Which Catholic Should We Believe?

There is a disagreement among Catholics as to the textual integrity of the Greek New Testament. Catholic apologist Robert Sungenis, for instance, says this:


An exhaustive investigation into a standard Protestant Greek text of the New Testament (Nestle-Aland Novum Testamentum Graece…reveals that of the 7,948 total verses from Matthew to Revelation, 6,176 verses contain textual variants. In other words, 78% of the New Testament verses are to some extent corrupted. The variations range from simple letters which change a word of its tense, to whole sentences which are either missing or significantly different. Not By Scripture Alone (Santa Barbara: Queenship, 1997, p. 250, fn 58)

Compare this with Karl Keating:


From textual criticism we are able to conclude that we have a text the accuracy of which is more certain than the accuracy of any other ancient work. Sir Frederic Kenyon notes that “[f]or all the works of classical antiquity we have to depend on manuscripts written long after their original composition. The author who is the best case in this respect is Virgil, yet the earliest manuscript of Vergil that we now possess was written some 350 years after his death. For all other classical writers, the interval between the date of the author and the earliest extant manuscript of his works is much greater. For Livy it is about 500 years, for Horace 900, for most of Plato 1,300, for Euripides 1,600.” Yet no one seriously disputes that we have accurate copies of the works of these writers. Not only are the biblical manuscripts we have older than than those for classical authors, we have in absolute numbers far more manuscripts to work from. Some are whole books of the Bible, others fragments of just a few words, but there are thousands of manuscripts in Hebrew, Greek, Latin, Coptic, Syriac, and other languages. What this means is that we can be sure we have an accurate text, and we can work from it in confidence. Catholicism and Fundamentalism (San Francisco: Ignatius Press, 1988), p. 124.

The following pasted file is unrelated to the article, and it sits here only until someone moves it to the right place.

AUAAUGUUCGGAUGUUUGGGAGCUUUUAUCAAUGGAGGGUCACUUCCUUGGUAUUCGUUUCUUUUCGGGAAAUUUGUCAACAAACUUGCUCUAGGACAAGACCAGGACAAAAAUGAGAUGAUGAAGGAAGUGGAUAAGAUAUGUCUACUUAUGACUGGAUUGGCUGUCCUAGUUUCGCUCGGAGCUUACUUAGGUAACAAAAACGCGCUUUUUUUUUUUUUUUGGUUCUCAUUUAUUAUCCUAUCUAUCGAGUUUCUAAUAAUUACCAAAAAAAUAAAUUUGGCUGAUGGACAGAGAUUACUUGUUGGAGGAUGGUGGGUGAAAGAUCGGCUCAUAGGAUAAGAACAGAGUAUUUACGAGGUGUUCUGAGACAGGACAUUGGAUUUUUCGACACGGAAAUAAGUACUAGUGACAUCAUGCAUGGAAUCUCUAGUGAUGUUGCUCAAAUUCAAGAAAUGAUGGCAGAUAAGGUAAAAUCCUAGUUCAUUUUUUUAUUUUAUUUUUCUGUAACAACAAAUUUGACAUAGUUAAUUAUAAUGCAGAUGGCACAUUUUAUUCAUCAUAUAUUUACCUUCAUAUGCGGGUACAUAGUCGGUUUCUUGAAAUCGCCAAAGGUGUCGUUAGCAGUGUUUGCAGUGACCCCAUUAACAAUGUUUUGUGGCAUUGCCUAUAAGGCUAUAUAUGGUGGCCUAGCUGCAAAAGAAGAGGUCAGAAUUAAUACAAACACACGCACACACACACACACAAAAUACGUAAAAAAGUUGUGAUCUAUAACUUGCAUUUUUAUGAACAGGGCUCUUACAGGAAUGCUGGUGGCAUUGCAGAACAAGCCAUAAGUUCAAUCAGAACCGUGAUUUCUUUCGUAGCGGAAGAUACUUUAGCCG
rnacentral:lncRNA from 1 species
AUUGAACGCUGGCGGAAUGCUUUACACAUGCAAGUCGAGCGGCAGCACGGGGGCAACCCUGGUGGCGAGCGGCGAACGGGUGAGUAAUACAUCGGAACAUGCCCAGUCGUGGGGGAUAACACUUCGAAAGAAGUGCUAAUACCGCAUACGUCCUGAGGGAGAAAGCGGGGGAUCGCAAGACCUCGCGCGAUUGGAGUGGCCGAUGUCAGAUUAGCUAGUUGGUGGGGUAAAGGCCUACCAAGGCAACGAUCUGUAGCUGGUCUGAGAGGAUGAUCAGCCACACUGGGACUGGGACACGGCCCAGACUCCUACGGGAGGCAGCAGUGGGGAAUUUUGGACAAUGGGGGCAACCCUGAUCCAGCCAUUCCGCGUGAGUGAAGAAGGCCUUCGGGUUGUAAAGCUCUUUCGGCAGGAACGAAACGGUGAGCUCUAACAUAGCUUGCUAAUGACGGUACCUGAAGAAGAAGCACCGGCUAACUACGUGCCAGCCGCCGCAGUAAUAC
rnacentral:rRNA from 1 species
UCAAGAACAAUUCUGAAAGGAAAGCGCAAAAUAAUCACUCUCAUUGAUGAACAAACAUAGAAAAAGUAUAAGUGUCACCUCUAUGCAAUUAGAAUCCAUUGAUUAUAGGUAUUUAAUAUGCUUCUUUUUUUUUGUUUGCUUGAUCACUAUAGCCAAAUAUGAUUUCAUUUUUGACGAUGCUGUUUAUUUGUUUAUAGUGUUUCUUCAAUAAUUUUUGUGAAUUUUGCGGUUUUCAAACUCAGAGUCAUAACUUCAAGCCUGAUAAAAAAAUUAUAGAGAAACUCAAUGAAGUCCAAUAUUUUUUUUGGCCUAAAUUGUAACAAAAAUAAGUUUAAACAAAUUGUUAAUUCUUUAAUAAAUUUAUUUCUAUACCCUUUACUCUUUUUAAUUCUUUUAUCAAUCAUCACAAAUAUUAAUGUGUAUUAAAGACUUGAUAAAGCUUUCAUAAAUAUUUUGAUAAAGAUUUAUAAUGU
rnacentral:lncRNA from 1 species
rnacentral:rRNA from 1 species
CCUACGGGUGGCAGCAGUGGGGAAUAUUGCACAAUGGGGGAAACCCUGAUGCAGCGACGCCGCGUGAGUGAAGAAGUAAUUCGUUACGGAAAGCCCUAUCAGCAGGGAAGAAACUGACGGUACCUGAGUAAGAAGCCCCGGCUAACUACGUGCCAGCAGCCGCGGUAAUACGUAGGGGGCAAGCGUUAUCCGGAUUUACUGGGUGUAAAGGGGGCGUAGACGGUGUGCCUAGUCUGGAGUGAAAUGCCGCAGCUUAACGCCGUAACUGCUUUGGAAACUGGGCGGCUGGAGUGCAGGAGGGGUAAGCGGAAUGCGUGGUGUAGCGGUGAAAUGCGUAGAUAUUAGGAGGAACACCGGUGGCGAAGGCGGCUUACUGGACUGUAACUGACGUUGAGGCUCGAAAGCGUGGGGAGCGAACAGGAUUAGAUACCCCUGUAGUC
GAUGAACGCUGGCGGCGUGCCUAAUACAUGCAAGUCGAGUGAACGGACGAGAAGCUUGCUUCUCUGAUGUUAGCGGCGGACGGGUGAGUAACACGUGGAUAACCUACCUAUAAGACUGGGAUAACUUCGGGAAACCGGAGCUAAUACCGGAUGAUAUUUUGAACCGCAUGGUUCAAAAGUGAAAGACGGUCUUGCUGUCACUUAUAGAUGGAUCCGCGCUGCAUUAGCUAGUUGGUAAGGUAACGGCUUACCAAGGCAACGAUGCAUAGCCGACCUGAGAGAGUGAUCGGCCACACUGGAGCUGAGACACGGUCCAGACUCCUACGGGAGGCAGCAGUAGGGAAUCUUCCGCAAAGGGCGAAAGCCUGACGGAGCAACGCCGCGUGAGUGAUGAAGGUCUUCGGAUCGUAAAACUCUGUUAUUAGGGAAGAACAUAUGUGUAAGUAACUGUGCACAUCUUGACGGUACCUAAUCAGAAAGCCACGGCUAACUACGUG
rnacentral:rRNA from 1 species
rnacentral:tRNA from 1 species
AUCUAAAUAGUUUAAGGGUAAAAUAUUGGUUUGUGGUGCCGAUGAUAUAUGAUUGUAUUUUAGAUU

So, for the Catholics who read this blog, with which of them do you agree, and why?

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5 Comments

  1. December 8, 2010 at 12:48 pm

    I agree with both. (1) There are a large number of variants, and (2) the NT text is relatively reliable. Of course, this agreement cannot be construed as “belief” in the theological sense of that word. A mere congruence of opinion, based upon common observations.

  2. C.L. Bolt said,

    December 8, 2010 at 12:55 pm

    “In other words, ***78%*** of the New Testament verses are to some extent ***corrupted***.”

    “What this means is that we can be ***sure*** we have an ***accurate*** text, and we can work from it in ***confidence***.”

    Andrew, do you trust most other texts that are 78% *corrupted*?

  3. wilkins said,

    December 8, 2010 at 1:38 pm

    what Andrew said.

    as i understand it, “corruption” simply refers to “variation”; in textual analysis, you’re able to establish developments over time precisely because of the variations that exist among representative texts.

  4. Roger du Barry said,

    December 8, 2010 at 3:35 pm

    Modern Papist scholars are one constituency with the Protestant Liberal scholarly trade unions since Vatican II. No surprises then that some of their number attempt to destroy the integrity of scripture.

    Bravo for the other chap.

  5. G said,

    December 13, 2010 at 5:46 pm

    Every time I quote scripture I create a new variant. Maybe a better question would be the primary texts that are given a C or D rating by UBS.


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